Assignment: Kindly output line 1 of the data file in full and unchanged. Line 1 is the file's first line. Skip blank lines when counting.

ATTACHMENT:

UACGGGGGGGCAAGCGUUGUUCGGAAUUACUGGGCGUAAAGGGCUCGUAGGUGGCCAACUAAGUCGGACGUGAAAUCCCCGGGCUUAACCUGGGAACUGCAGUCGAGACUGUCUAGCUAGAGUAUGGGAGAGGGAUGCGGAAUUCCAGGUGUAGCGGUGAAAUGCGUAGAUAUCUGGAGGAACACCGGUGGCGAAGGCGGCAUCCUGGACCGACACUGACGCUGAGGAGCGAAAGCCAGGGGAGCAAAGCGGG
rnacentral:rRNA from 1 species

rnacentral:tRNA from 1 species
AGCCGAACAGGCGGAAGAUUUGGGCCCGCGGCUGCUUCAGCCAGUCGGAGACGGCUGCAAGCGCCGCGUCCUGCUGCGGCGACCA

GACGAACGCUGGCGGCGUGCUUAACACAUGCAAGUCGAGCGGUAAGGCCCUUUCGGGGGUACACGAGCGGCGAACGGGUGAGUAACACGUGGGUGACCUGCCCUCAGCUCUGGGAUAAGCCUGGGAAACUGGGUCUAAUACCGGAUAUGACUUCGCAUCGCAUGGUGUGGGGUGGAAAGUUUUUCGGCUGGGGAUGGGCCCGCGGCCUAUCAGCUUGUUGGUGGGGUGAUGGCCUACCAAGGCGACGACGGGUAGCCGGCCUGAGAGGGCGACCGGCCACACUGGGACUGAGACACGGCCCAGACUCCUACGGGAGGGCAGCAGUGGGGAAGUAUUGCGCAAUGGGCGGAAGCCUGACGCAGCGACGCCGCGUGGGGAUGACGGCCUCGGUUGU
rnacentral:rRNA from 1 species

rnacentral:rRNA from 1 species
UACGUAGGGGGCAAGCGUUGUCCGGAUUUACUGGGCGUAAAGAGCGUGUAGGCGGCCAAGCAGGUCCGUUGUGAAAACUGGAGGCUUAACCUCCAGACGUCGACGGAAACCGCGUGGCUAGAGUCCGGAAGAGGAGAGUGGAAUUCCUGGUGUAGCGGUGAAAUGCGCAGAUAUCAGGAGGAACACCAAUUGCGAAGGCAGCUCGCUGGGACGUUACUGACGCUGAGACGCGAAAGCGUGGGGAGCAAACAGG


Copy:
UACGGGGGGGCAAGCGUUGUUCGGAAUUACUGGGCGUAAAGGGCUCGUAGGUGGCCAACUAAGUCGGACGUGAAAUCCCCGGGCUUAACCUGGGAACUGCAGUCGAGACUGUCUAGCUAGAGUAUGGGAGAGGGAUGCGGAAUUCCAGGUGUAGCGGUGAAAUGCGUAGAUAUCUGGAGGAACACCGGUGGCGAAGGCGGCAUCCUGGACCGACACUGACGCUGAGGAGCGAAAGCCAGGGGAGCAAAGCGGG